Accounting is the process of recording financial transactions pertaining to a business. The accounting process includes summarizing, analyzing and reporting these transactions to oversight agencies, regulators and tax collection entities.
The financial statements used in accounting are a concise summary of financial transactions over an accounting period, summarizing a company’s operations, financial position and cash flows.
Accounting is one of the key functions for almost any business. It may be handled by a bookkeeper or an accountant at a small firm, or by sizable finance departments with dozens of employees at larger companies.
The reports generated by various streams of accounting, such as cost accounting and managerial accounting, are invaluable in helping management make informed business decisions.
A strong company can attribute some of its success to its accounting. Without accounting, it would be hard to keep track of your business’s finances and profitability, and you might not know exactly how much money is coming in or going out.
Accounting is how finances are tracked. As an individual, you may only ever use an accountant in the form of an online form for submitting your taxes. Those are done by certified public accountants (CPAs) who pass an exam to prove their mastery of accounting.
Tax collectors, regulators and other oversight agencies will want to see proper accounting. If your business ever seeks investors or other shareholders, these agencies will review your accounting paperwork.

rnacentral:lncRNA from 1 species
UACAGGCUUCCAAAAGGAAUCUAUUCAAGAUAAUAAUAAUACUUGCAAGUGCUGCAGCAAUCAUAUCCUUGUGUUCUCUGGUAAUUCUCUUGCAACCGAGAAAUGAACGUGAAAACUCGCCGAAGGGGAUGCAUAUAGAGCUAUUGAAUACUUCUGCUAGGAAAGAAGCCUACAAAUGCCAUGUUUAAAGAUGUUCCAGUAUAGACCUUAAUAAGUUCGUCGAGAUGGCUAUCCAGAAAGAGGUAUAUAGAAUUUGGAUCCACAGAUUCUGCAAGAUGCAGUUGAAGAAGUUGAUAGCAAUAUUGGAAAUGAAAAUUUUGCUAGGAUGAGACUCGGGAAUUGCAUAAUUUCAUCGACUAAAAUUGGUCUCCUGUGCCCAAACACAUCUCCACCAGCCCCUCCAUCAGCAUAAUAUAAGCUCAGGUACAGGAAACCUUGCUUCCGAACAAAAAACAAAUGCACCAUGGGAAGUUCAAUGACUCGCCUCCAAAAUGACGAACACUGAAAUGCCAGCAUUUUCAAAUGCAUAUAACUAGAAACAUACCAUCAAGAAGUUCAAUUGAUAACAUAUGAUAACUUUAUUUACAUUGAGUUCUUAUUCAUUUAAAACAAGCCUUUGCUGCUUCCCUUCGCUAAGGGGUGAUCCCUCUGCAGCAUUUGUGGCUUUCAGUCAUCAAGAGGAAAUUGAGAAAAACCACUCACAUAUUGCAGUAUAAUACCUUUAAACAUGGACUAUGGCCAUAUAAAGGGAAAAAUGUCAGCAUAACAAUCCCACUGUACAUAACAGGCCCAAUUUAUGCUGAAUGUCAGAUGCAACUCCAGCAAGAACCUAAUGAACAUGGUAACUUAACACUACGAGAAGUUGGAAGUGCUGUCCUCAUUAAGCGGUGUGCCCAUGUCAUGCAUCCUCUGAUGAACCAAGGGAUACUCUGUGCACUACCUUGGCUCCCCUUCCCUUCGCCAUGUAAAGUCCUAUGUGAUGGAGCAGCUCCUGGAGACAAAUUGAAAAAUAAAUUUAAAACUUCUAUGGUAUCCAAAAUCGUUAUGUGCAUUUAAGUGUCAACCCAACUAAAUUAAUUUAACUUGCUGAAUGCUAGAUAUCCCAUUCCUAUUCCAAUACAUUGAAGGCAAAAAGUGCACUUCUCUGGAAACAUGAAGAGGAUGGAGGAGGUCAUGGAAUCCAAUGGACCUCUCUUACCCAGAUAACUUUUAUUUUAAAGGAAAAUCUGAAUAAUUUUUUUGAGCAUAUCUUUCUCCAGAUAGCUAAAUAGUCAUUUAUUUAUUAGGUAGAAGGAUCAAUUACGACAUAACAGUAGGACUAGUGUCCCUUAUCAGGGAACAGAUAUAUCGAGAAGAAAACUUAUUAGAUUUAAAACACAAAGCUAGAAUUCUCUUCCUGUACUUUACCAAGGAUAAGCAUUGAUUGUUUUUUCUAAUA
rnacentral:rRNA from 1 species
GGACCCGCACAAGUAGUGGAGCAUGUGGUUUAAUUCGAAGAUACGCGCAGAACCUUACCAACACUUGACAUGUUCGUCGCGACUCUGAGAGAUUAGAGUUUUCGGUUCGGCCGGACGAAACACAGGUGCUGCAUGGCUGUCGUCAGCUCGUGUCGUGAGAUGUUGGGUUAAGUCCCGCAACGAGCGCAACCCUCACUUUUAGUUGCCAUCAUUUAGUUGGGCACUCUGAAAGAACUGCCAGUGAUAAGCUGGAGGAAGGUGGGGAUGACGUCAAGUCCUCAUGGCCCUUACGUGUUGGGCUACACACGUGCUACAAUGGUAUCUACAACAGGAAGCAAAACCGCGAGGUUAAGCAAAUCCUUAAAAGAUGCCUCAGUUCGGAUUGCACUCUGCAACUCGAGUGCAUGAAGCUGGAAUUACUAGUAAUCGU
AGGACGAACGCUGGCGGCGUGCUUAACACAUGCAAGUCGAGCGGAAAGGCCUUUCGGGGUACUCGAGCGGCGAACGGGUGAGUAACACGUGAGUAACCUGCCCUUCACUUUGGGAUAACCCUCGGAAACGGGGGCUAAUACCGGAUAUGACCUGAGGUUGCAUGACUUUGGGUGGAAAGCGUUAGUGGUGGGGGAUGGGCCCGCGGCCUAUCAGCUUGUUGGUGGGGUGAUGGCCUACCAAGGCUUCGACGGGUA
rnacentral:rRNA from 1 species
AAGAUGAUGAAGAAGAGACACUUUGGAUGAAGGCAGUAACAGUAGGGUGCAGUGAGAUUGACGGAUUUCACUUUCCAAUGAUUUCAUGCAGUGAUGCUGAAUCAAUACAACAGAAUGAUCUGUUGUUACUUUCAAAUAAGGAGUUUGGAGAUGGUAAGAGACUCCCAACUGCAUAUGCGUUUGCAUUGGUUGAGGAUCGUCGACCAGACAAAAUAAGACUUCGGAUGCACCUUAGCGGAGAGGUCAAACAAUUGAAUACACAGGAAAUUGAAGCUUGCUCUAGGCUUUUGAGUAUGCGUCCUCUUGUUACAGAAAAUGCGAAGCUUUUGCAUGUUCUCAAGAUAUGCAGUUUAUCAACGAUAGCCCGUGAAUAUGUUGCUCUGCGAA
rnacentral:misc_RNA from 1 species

When you see a deal made on a show like “The Profit” or “Shark Tank” that later falls apart, it’s almost always because of accounting problems.
Unless you are well versed in finance, your business will likely need to enlist the help of a professional accountant. Here’s a breakdown of what accountants can do for your company.
The American Accounting Association defines accounting as “the process of identifying, measuring and communicating economic information to permit informed judgments and decisions by users of the information.”
Accountants log a business’s accounts payable, accounts receivable and other financial transactions, typically using accounting software.
“Accountants use the work done by bookkeepers to produce and analyze financial reports,” said Stan Snyder, CPA. “Although accounting follows the same principles and rules as bookkeeping, an accountant can design a system that will capture all of the details necessary to satisfy the needs of the business – managerial, financial reporting, projection, analysis and tax reporting.”
In the United States, most accountants abide by the generally accepted accounting principles to present a company’s financial information to those outside the company in a format that everyone can understand. There are different sets of accounting standards for companies that operate overseas, as well as for local and state government entities.
Harold Averkamp, CPA and owner of Accounting Coach, said accountants also provide a company’s internal management team with the information it needs to keep the business financially healthy.
Some of the information originates from the recorded transactions, and some consists of estimates and projections based on various assumptions, he said.